The black page of Australian history

ten kilometers south Darwinin Australiabeauty of nature Channel Island And its surroundings belie its tragic past. From 1931 to 1955, this island was actually a colony for lepers. Although some of the buildings were demolished after their abandonment and others fell into disrepair, they are still visible today. The hospital’s surviving foundations, crumbling shacks, partial wall structures, and rusted sheets of galvanized iron give to the modern observer a grim reminder of the patients once cooped up there.

Leprosy arrived on Australian shores during the migration boom of the Gold Rush. In the Northern Territory, the first cases occurred among Chinese immigrants in 1882. The disease quickly spread to Aboriginal communities. The authorities ignored the situation and leprosy went untreated for decades. From 1889 anyone with leprosy was isolated from A Mud Island In a galvanized iron hospital with an earthen floor. Conditions on Mud Island were so miserable that newspapers dubbed them “Living hell lazarette“.

Move the colony to Channel Island

In 1931 the colony was moved to the old quarantine center at Channel Island. The original 1914 Quarantine Station buildings were repaired and living quarters constructed for the new Secretary and his wife. It consisted of a medical clinic, separate wards for men and women, and a pavement of rubble and concrete. Eight have been createdHuts for lepersincluding private accommodations for future white patients.

The very high incidence of leprosy among indigenous and minority ethnic groups has added to the stigma. The result was harsh containment policies and bad structures that would otherwise not have been tolerated. The inhabitants of the colony went from 14 Patients in 1931 A.N 122 In 1939, since the search for “leprosy is suspectedIn Aboriginal communities it became more systematic. By 1932, no less than two Aboriginal children were living in the leprosy colony. overcrowding It quickly became a problem. Aboriginal patients were confined to poorly ventilated corrugated-iron huts that were heated like ovens in summer. But it wasn’t like that for everyone. A 1938 newspaper article describes:Beautiful house“built for the first”White girland his father’s, with a cement floor and cream walls.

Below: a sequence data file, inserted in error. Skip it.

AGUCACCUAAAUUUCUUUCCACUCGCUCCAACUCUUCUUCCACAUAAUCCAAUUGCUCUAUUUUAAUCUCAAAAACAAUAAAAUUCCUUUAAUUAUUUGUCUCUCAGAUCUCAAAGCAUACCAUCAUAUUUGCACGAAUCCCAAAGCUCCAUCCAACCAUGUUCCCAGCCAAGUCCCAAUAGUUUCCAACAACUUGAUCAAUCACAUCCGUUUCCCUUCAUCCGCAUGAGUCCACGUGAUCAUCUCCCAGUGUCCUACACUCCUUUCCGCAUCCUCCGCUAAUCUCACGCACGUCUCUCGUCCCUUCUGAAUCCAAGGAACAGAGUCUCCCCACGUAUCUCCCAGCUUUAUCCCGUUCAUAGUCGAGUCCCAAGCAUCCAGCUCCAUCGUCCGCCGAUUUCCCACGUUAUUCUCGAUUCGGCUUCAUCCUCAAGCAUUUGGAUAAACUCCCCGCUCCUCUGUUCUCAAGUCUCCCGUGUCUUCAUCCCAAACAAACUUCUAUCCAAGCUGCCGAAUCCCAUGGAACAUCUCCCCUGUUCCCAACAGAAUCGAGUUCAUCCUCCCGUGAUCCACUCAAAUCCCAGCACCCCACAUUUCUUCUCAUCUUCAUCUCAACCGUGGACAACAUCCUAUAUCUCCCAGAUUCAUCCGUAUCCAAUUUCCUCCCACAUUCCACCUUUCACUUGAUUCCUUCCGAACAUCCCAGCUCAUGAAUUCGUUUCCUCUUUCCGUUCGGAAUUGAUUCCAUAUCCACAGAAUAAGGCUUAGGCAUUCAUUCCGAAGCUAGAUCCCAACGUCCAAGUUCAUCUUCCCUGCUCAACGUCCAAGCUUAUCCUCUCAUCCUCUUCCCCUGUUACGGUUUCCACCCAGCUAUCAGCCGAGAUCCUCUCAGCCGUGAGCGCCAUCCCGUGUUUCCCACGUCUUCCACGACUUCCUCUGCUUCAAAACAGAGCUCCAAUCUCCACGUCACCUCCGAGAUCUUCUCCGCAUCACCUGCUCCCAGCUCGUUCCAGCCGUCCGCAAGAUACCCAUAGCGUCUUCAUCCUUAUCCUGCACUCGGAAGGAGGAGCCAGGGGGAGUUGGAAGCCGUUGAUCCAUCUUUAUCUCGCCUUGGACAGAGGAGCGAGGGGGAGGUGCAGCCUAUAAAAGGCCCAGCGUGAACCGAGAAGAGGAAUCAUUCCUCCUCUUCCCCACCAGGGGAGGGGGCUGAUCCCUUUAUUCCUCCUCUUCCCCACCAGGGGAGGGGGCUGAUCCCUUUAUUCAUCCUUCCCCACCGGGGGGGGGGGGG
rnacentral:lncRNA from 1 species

The bodies of at least 60 patients are still buried on Channel Island.
Credit: Heritage Division of the Department of Lands, Families, Housing and Communities.

Management passes to the nuns

In February 1943, the Catholic Sisters of the Daughters of Our Lady of the Sacred Heart took over management of the facility. These women’s efforts were hampered by limited financial resources, as the leprosy colony remained under government control. The Ministry of Health almost ignored it Al Jazeera Leprosy Hospital where is she “The unfortunate patients are still forced to live in the most primitive conditionsHe also denounced the Northern Standard in 1948.

A report issued on October 15 described:Cruel neglect“From the colony, where the sick were dressed”Neglected dirty rags“, feed on “Unbalanced diet – a total lack of vitaminsBut not only. They were invaded by flies that breed huge numbersThe reporter demanded that those responsible for the Ministry of Health be charged with gross negligence. A 1949 newspaper article echoed the details of the circumstances.protozoa“,”unhealthy” And the “terribleFrom a leprosy colony.

The leprosy hospital has been closed since 1955

The leprosy colony on Channel Island was closed for good in 1955. The colony moved to a new leprosy colony on east arm In Darwin, with adequate accommodation, modern kitchens, leisure facilities and large dining rooms. Leprosy patients remained isolated from society until the 1970s, when segregation policies were phased out. L’East arm Leprosarium It closed in 1982 and other patients were treated in regular hospitals.

Earl Warner

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